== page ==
Heat exhaustion and hypothermia

Heat exhaustion is usually caused by losing too much water and salt from the body in hot weather, especially when the person affected has been taking part in vigorous physical activity. It may develop into heat- stroke if the person becomes so dehydrated that he or she stops sweating, with the result that body temperature rises dangerously.

Heat exhaustion generally makes someone feel weak, thirsty and nauseous; there may be a headache and muscle cramps, and dizziness on trying to stand up. If these symptoms occur it is extremely important to take adequate measures in order to prevent a heatstroke. These include drinking plenty of water, taking enough salt and moving to a cooler place. The opposite problem, cooling down too much, must be handled with as much care as heat exhaustion. After prolonged exposure to cold, more body heat may be lost than can be replaced, so the body temperature drops dangerously low. This phenomenon is known as hypothermia.

Babies and old people are especially vulnerable to hypothermia; they may lose a dangerous amount of body heat in conditions that may cause no problem to an adult. In old people, hypothermia may easily be mistaken for a stroke or heart attack. The victim should be warmed gradually by taking him or her into warm surroundings. A baby who has become dangerously cold is drowsy, floppy, and unable to feed. The skin of hands, feet and face may be bright pink. Try to rewarm the baby gradually by holding him or her against your body after removing the clothes in between.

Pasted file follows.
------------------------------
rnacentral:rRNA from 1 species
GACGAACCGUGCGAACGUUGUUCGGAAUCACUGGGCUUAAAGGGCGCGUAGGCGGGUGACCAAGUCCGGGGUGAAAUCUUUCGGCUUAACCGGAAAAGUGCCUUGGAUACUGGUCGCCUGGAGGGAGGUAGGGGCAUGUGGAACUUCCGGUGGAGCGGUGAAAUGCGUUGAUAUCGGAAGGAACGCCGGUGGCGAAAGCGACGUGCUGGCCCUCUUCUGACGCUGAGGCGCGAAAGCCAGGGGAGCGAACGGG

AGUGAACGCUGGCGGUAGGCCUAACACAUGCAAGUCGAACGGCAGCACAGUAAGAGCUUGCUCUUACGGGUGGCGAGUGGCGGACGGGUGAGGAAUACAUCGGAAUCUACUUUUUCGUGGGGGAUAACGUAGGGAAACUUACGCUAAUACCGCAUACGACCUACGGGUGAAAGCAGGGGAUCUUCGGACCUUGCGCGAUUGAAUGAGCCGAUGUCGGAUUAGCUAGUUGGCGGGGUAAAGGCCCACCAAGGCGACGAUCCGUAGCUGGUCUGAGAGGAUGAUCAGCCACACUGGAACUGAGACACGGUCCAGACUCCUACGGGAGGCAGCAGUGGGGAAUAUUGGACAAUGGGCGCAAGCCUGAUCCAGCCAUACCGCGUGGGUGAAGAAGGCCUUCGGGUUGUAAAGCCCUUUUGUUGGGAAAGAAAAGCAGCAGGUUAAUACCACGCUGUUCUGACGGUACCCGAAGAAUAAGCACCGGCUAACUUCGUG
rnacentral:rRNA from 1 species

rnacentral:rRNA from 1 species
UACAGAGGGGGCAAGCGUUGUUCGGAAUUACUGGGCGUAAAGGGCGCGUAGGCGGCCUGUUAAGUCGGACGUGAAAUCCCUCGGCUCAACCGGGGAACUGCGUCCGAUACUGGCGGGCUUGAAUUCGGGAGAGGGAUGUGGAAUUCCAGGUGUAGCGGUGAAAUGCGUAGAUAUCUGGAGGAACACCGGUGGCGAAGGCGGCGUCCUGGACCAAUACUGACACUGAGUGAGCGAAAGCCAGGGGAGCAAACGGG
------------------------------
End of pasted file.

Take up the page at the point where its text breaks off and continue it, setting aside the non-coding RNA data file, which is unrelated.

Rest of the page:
Frostbite may occur in adults as well on exposed parts of the body or on extremities such as the face, hands and feet in very cold weather. The skin turns hard, cold and white, and by this stage the part is usually numb rather than painful. The best first aid for minor frostbite is slowly to warm the affected part by contact with a warm body part or in (not too) warm water. For instance, you should try, once under shelter, to warm frostbitten feet or hands in the armpits of either the casualty or another person.

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